I was still walking forward in my work in therapy, showing up, working hard and not backing down.    Honestly as hard as it was to do really tough trauma work while that sick I don’t regret it because had I not I believe that my progress would have become stagnant by the surgery and recovery period.

I met with my neurosurgeon on February 13, 2013 and right away we made the decision to go forward with surgery.  He said in my case was is the best option and since my Chiari was progressing there weren’t many other options.  Though Chiari is very grey and rare and often asymptomatic in my case the symptoms were causing so many problems it needed to rectified surgically.  I was lucky enough to get a surgery date for the very next week.

As happy as I was to know that the next Thursday, February 21, 2013 it was going to be over, but then the panic set it.  Throughout the whole ordeal I had been alone.  Meaning I had been taking care of myself.  I did not (still don’t) have a very big network of people in the flesh to walk beside me and help out.  The people that were my community proved to be unreliable.  It was a stinging reminder of the neglect and abandonment that I experienced as a child.

I in fact had to set extremely strict boundaries with them when I was having surgery and coming home because they were attempting to take over, make my choices for me and make my illness about them.   It felt like a slap to the face when people would ask what they could do and then not follow through.  Or ask and then back out.  When I went into the hospital for surgery I still had no idea who was going to be with me at home, who was going to help me with Abigail and I was told that I just needed to be ok with that.

I would say that in a normal circumstance with someone who is used to things working out that, that statement might not have freaked them out.  However I needed to know.  I feared coming home after brain surgery and having to take care of Abigail alone; which I didn’t but the all encompassing fear was there.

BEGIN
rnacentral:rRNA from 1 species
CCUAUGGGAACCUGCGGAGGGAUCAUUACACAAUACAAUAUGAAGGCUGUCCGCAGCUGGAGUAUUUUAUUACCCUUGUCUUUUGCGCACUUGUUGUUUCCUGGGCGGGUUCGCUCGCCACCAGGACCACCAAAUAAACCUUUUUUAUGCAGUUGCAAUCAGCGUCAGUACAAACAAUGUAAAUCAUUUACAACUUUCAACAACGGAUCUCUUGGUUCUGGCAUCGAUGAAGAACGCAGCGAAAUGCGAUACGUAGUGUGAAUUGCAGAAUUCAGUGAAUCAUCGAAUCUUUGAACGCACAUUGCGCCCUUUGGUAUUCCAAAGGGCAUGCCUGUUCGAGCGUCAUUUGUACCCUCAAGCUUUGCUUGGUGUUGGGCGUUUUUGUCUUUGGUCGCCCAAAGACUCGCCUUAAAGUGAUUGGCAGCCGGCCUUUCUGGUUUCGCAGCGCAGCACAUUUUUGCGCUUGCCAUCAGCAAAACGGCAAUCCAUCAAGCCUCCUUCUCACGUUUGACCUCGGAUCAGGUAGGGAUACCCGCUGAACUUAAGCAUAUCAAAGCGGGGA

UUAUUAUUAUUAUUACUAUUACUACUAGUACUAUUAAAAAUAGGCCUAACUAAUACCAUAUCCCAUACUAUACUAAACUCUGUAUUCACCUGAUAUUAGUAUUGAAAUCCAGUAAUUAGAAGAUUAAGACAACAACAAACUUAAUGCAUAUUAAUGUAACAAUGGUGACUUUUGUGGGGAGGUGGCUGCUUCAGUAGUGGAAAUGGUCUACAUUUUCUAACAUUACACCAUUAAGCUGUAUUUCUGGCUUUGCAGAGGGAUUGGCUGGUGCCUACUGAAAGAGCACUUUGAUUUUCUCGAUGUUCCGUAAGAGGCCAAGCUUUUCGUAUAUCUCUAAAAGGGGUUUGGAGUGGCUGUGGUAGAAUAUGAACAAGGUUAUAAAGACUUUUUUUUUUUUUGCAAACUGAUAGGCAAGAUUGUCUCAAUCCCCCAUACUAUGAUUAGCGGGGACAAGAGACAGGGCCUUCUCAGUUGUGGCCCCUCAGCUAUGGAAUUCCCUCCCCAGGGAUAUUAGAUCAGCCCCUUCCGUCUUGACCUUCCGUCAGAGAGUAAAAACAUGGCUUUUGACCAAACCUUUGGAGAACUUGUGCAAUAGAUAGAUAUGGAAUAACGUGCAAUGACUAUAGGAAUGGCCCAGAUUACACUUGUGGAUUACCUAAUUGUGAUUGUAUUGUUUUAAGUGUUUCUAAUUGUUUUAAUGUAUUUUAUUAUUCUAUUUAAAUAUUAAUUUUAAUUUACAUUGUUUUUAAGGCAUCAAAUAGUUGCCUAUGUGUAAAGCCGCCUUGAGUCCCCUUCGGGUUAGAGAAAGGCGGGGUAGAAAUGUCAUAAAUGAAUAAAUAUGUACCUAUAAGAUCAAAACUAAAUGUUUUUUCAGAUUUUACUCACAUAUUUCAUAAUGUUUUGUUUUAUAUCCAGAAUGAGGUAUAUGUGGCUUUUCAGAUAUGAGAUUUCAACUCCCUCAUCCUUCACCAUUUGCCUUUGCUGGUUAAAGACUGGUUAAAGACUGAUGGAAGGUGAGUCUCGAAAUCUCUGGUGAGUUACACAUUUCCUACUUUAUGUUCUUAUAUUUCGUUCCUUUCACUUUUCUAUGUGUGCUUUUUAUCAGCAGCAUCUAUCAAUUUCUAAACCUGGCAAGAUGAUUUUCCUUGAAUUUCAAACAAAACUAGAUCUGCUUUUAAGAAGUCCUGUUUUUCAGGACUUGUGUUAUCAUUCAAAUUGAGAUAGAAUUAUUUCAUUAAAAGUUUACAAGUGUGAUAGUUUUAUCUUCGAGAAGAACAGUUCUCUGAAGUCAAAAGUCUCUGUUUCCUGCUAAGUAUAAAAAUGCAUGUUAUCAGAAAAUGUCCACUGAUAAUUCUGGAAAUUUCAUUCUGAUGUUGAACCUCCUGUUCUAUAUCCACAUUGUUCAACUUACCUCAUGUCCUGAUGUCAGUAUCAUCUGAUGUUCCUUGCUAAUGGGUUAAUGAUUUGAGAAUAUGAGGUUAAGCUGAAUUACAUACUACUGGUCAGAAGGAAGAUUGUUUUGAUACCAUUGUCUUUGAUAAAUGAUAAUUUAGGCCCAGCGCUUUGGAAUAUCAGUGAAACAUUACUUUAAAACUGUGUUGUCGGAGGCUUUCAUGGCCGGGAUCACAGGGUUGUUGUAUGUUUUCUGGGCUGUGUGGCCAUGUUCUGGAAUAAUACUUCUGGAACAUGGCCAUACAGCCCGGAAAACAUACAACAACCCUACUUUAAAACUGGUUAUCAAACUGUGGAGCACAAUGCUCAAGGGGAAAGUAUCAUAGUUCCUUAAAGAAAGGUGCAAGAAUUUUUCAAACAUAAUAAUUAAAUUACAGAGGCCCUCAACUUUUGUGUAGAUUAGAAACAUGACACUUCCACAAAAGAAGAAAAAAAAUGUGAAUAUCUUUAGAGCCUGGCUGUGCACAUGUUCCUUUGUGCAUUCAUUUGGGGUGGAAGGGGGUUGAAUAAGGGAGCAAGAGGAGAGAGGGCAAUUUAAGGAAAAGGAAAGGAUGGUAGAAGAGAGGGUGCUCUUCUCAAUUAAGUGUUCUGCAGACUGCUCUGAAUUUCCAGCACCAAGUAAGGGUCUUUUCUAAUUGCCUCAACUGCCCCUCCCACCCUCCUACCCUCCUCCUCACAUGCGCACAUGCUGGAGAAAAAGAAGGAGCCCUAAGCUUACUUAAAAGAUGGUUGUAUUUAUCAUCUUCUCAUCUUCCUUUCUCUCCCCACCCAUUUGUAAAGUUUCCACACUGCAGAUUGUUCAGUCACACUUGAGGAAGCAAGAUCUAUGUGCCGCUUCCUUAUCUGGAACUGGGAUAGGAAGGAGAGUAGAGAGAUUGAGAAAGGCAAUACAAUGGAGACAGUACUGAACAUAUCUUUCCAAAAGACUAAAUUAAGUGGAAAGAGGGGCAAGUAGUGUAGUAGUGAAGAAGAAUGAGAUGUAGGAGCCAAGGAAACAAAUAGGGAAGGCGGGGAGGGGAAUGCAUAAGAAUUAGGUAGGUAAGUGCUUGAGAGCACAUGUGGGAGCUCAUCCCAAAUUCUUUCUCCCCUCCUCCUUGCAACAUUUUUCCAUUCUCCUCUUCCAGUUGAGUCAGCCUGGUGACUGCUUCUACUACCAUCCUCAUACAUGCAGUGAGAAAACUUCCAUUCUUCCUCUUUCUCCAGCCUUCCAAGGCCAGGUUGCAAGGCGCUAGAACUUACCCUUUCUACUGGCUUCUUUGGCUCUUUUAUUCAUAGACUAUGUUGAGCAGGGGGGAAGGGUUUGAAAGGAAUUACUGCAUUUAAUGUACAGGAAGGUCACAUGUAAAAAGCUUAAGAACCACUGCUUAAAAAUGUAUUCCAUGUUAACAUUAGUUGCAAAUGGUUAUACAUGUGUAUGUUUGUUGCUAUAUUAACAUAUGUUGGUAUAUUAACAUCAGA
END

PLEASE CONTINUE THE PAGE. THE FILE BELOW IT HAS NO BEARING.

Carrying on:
The five months leading up to surgery felt like a tug from God and a push away from people.  I sat alone in the midst of wondering why this was happening and hearing people say “Just trust God” and “He’s going to do something SO BIG with this”  Instead of having those that for so long stated they cared and loved me deeply, rally around me.

The trite, overly spiritual sentiments about God, who He was in the midst of my struggle (which was apparently known to everyone but me), were infuriating.  I didn’t want to know what they thought God was going to do, I didn’t want to ask for help only to be turned down repeatedly, bailed out on or controlled.  I wanted someone to sit next to me in bed, to weep with me or to offer to have Abigail come over so I could rest and she could play and not be bored.

I went into surgery elated.  I was ready to get this thing done and over with.  I was ready to move on, heal and start my life over.  Pain had been constant for so long I wanted to know what a pain free life was like.

I came out of surgery in pain (obviously, I’d just had my skull opened) vomiting and asking for my phone.

My hospital stay is a blur (hello Morphine, Oxycodone and Valium)

I did witness some incredible acts of Jesus with skin on which is why I said earlier that I do stand by believing  God meant for me to be moved to a different doctor and a different hospital.  The whole staff was so kind and gentle.

The nurses sat with me as I vomited from the surgery.  There was a CNA who took such good care of me.  She showered me when I couldn’t even lift my arms but needed so badly to be clean.  They answered my questions, made sure I had my meds, if they saw me looking uncomfortable while I slept they would reposition me or tell me to push the magic button (the morphine button)